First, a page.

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Phylogeography of the Robsonius Ground-Warblers (Passeriformes: Locustellidae) Reveals an Undescribed Species from Northeastern Luzon, Philippines - La Filogeografía de Robsonius (Passeriformes: Locustellidae) Revela una Especie No Descripta del Noreste de Luzón, Filipinas
Peter A. Hosner, Nikki C. Boggess, Phillip Alviola, Luis A. Sánchez-González, Carl H. Oliveros, Rolly Urriza and Robert G. Moyle
Vol. 115, No. 3 (August 2013), pp. 630-639
Published by: Cooper Ornithological Society
Stable URL: http://www.jstor.org/stable/10.1525/cond.2013.120124
Page Count: 10
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Abstract The Robsonius ground-warblers are forest birds endemic to the Luzon Island complex in the Philippine archipelago. Their systematic relationships have long remained ambiguous; until recently they were included in the timaliid genus Napothera. Two Robsonius species are currently recognized on the basis of plumage differences: R. rabori from northern Luzon in the Cordillera Central and the northern Sierra Madre, and R. sorsogonensis from southern Luzon and Catanduanes Island. Recent specimen collections, including the first adult specimen from the Cordillera Central, establish plumage differences between populations of R. rabori in the Cordillera Central and Sierra Madre and reveal a third diagnosable population within Luzon. These differences have gone unnoticed because R. rabori (sensu stricto) had been known only from the juvenile holotype. Molecular phylogenetic data further support the hypothesis that three highly divergent taxa occur across the Luzon Island complex: Robsonius rabori is known only from the northern Cordillera Central in Ilocos Norte; an undescribed taxon (formerly included in R. rabori) occurs in the northern Sierra Madre in Cagayan, Isabela, Aurora, and Nueva Vizcaya provinces; and R. sorsogonensis occurs in southern Luzon (Bulacan and Laguna provinces), the Bicol Peninsula, and on Catanduanes Island. The existence of three putatively allopatric species within the Luzon island complex highlights the role of in situ diversification in island systems, and brings attention to the need for forest conservation to protect geographically restricted populations throughout the Luzon Island complex.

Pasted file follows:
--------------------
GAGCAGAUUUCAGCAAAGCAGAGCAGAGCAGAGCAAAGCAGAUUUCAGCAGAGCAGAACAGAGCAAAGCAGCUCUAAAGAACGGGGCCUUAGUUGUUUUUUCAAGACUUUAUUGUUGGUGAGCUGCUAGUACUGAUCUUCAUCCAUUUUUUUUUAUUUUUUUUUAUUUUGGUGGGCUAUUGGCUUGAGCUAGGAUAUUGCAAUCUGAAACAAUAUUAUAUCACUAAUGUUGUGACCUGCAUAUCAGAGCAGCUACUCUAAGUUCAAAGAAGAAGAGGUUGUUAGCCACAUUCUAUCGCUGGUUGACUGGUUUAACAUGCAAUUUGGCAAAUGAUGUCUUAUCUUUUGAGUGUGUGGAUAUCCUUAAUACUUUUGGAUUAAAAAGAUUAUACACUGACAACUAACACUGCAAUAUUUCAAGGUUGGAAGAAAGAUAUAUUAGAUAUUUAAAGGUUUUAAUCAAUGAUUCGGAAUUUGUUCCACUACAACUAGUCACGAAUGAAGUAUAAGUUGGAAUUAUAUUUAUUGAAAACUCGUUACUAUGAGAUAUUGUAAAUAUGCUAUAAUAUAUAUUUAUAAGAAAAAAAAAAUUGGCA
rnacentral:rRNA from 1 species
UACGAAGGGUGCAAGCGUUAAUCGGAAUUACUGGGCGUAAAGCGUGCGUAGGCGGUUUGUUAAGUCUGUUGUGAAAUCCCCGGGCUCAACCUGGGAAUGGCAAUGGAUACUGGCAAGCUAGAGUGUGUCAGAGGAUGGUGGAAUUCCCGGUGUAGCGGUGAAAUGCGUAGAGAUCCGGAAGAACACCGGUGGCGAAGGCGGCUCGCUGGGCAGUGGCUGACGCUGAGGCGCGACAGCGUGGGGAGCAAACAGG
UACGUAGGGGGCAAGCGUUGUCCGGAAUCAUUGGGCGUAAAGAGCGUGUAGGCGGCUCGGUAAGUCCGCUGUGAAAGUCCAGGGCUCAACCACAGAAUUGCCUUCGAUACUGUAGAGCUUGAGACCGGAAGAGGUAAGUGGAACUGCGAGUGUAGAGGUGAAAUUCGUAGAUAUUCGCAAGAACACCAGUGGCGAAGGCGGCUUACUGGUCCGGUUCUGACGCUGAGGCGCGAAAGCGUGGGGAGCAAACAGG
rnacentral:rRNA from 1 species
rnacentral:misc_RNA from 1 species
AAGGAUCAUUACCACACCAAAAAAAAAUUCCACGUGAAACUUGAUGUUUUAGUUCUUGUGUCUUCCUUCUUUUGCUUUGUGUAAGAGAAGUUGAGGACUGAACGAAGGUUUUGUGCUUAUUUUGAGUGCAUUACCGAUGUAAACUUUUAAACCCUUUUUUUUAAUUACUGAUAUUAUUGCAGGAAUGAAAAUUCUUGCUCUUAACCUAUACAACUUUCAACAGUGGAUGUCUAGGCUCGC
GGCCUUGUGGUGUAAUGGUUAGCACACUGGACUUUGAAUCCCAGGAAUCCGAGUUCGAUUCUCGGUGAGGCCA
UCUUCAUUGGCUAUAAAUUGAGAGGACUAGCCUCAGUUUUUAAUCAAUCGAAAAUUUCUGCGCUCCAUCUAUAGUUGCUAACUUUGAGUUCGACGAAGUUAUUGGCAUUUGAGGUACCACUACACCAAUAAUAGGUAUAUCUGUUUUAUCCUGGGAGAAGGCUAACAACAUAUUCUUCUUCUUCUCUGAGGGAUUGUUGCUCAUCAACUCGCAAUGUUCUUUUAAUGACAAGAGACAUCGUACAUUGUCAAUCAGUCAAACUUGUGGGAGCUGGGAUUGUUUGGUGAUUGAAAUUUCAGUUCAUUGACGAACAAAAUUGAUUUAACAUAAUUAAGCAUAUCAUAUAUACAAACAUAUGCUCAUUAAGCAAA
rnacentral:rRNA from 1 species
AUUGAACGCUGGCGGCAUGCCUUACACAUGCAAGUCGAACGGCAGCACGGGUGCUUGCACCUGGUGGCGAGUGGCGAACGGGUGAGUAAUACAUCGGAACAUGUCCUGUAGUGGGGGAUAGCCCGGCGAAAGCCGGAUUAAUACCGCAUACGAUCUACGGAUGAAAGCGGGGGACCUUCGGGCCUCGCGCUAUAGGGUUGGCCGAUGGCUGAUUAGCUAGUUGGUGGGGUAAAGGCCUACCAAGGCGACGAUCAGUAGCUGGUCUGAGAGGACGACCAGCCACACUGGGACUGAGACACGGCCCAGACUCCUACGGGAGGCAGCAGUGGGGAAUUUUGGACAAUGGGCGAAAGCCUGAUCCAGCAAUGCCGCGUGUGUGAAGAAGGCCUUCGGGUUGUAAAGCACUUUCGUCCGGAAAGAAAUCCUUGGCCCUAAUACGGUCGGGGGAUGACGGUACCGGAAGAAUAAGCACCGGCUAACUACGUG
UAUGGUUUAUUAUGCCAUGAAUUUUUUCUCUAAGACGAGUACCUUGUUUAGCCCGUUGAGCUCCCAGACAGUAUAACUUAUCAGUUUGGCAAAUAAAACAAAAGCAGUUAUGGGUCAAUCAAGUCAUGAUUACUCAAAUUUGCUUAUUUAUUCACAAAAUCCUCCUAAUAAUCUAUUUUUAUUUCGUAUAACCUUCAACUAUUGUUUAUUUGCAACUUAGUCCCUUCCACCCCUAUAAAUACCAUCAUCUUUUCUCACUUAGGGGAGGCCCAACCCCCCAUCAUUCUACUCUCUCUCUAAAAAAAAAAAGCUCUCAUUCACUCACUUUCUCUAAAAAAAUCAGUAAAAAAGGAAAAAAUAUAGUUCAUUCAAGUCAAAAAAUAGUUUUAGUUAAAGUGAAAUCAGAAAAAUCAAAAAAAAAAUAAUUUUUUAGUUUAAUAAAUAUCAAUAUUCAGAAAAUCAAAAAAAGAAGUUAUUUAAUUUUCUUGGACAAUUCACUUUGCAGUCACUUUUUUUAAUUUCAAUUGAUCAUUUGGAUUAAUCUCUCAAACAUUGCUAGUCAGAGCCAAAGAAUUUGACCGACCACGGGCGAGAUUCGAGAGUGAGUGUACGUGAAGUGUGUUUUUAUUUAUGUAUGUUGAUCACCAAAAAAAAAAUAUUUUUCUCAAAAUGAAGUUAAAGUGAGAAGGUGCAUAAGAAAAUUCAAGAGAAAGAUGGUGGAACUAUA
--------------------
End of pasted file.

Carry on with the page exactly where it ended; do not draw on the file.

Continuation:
© 2013 by The Cooper Ornithological Society